In Fordham v. U.S., No. 12-10299 (Jan. 31, 2013), the Court rejected a § 2255 challenge to convictions for defrauding a mental health center.
The defendants argued that their convictions should be vacated in light of Skilling v. U.S., 130 S.Ct. 2896 (2010), which limited “honest-services fraud” under 18 U.S.C. § 1346 to cases involving bribes and kickback schemes and not mere undisclosed self-dealing, or conflicts of interest.
The Court found that the defendants defaulted these claims by failing to raise them in the district court or on direct appeal of their convictions. The Court rejected the argument that the default could be cured because of “actual prejudice.” The Court found that the sporadic references at trial to “honest services,” and a single jury instruction on this now invalid theory, did not suffice to show prejudice. The record demonstrated that the jury was presented with evidence that they participated in a scheme involving the payment of bribes.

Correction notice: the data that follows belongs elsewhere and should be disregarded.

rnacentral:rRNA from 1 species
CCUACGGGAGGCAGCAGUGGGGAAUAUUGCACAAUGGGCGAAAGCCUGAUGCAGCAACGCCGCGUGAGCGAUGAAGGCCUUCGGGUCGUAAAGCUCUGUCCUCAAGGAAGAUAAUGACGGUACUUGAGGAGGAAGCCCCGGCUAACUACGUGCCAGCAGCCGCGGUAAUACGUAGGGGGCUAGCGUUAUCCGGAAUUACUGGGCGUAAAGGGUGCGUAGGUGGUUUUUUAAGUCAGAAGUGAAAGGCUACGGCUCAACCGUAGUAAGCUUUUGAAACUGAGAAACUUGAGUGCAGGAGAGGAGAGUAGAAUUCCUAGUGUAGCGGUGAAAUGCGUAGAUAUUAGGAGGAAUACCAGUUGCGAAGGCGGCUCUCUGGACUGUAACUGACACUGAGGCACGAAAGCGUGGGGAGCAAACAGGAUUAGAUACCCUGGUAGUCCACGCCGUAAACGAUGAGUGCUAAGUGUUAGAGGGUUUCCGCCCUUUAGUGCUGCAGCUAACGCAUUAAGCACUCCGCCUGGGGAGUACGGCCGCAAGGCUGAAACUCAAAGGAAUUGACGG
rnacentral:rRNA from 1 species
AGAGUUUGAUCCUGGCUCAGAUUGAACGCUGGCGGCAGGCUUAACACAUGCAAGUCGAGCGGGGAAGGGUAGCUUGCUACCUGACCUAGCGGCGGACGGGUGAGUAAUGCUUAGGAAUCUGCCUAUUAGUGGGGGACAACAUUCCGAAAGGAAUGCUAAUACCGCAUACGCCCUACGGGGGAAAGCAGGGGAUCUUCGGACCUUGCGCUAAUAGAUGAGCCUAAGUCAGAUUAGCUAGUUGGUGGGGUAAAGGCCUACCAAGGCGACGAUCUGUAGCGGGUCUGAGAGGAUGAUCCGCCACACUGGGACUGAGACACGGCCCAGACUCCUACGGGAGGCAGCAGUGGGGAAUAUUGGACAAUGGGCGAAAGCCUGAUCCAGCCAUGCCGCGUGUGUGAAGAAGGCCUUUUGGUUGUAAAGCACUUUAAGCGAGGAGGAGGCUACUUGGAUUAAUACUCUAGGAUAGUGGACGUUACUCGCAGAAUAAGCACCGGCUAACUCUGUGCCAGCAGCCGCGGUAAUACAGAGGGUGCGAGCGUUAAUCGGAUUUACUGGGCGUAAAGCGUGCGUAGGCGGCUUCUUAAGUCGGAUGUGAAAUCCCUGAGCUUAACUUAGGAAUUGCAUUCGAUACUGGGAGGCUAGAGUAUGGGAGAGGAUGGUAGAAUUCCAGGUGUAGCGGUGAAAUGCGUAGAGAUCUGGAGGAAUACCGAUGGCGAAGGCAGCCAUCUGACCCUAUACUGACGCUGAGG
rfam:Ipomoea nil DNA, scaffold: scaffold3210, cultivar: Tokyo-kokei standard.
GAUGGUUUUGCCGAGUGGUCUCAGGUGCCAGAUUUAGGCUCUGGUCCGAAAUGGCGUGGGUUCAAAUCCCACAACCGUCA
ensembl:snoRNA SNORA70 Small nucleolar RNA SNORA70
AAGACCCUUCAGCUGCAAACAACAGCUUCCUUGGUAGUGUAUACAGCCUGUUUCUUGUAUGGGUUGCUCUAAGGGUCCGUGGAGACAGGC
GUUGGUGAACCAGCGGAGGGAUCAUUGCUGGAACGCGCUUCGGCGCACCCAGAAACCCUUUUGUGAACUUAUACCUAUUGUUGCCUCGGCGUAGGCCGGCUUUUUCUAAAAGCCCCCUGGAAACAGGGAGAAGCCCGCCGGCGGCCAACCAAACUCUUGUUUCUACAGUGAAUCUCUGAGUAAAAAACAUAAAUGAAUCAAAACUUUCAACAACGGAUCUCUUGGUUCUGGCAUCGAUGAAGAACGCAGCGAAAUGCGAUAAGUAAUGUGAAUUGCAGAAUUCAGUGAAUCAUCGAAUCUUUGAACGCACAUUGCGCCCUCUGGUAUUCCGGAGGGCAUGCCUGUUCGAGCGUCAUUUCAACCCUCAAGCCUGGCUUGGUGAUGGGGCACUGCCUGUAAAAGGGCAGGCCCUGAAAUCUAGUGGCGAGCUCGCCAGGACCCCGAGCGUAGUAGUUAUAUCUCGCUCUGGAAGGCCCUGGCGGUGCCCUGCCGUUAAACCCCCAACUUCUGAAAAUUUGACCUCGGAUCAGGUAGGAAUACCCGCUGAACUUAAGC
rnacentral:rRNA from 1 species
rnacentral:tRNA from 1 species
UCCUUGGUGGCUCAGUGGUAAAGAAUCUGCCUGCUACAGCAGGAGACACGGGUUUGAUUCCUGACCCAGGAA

For the same reason, the Court rejected the argument that the defendants were “actually innocent.”